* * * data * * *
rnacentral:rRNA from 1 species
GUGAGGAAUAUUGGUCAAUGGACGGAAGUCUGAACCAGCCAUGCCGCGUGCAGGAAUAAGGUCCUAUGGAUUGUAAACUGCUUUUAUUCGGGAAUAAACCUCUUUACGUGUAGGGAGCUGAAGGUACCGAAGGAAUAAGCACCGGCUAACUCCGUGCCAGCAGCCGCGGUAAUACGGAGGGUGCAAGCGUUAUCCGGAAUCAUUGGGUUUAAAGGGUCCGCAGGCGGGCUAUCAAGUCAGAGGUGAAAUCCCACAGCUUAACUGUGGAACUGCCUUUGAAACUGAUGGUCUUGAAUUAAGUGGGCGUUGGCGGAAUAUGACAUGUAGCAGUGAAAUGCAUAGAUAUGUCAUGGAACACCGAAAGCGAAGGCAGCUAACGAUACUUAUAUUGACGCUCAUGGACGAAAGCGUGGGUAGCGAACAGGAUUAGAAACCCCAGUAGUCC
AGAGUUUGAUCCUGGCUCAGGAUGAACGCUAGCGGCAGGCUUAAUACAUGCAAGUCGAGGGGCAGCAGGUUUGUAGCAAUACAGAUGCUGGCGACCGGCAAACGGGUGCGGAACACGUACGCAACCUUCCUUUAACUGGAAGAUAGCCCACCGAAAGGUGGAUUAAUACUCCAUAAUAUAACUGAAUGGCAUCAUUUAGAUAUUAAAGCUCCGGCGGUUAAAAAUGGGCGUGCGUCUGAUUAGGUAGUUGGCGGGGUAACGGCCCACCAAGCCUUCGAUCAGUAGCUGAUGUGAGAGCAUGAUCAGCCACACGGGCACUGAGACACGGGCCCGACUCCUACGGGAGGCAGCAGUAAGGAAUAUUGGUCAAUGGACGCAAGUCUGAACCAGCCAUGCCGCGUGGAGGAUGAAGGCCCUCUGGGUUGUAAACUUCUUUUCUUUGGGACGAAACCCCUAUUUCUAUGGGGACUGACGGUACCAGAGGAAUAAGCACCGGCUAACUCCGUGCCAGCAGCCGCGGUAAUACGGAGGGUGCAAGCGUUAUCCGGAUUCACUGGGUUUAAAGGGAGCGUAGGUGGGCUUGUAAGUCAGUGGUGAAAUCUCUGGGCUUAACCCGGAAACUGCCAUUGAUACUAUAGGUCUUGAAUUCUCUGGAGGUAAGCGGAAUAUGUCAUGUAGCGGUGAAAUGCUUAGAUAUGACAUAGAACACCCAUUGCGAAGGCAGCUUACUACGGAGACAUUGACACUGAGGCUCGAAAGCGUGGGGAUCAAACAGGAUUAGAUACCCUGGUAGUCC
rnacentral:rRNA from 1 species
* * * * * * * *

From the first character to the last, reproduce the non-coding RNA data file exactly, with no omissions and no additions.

rnacentral:rRNA from 1 species
GUGAGGAAUAUUGGUCAAUGGACGGAAGUCUGAACCAGCCAUGCCGCGUGCAGGAAUAAGGUCCUAUGGAUUGUAAACUGCUUUUAUUCGGGAAUAAACCUCUUUACGUGUAGGGAGCUGAAGGUACCGAAGGAAUAAGCACCGGCUAACUCCGUGCCAGCAGCCGCGGUAAUACGGAGGGUGCAAGCGUUAUCCGGAAUCAUUGGGUUUAAAGGGUCCGCAGGCGGGCUAUCAAGUCAGAGGUGAAAUCCCACAGCUUAACUGUGGAACUGCCUUUGAAACUGAUGGUCUUGAAUUAAGUGGGCGUUGGCGGAAUAUGACAUGUAGCAGUGAAAUGCAUAGAUAUGUCAUGGAACACCGAAAGCGAAGGCAGCUAACGAUACUUAUAUUGACGCUCAUGGACGAAAGCGUGGGUAGCGAACAGGAUUAGAAACCCCAGUAGUCC
AGAGUUUGAUCCUGGCUCAGGAUGAACGCUAGCGGCAGGCUUAAUACAUGCAAGUCGAGGGGCAGCAGGUUUGUAGCAAUACAGAUGCUGGCGACCGGCAAACGGGUGCGGAACACGUACGCAACCUUCCUUUAACUGGAAGAUAGCCCACCGAAAGGUGGAUUAAUACUCCAUAAUAUAACUGAAUGGCAUCAUUUAGAUAUUAAAGCUCCGGCGGUUAAAAAUGGGCGUGCGUCUGAUUAGGUAGUUGGCGGGGUAACGGCCCACCAAGCCUUCGAUCAGUAGCUGAUGUGAGAGCAUGAUCAGCCACACGGGCACUGAGACACGGGCCCGACUCCUACGGGAGGCAGCAGUAAGGAAUAUUGGUCAAUGGACGCAAGUCUGAACCAGCCAUGCCGCGUGGAGGAUGAAGGCCCUCUGGGUUGUAAACUUCUUUUCUUUGGGACGAAACCCCUAUUUCUAUGGGGACUGACGGUACCAGAGGAAUAAGCACCGGCUAACUCCGUGCCAGCAGCCGCGGUAAUACGGAGGGUGCAAGCGUUAUCCGGAUUCACUGGGUUUAAAGGGAGCGUAGGUGGGCUUGUAAGUCAGUGGUGAAAUCUCUGGGCUUAACCCGGAAACUGCCAUUGAUACUAUAGGUCUUGAAUUCUCUGGAGGUAAGCGGAAUAUGUCAUGUAGCGGUGAAAUGCUUAGAUAUGACAUAGAACACCCAUUGCGAAGGCAGCUUACUACGGAGACAUUGACACUGAGGCUCGAAAGCGUGGGGAUCAAACAGGAUUAGAUACCCUGGUAGUCC
rnacentral:rRNA from 1 species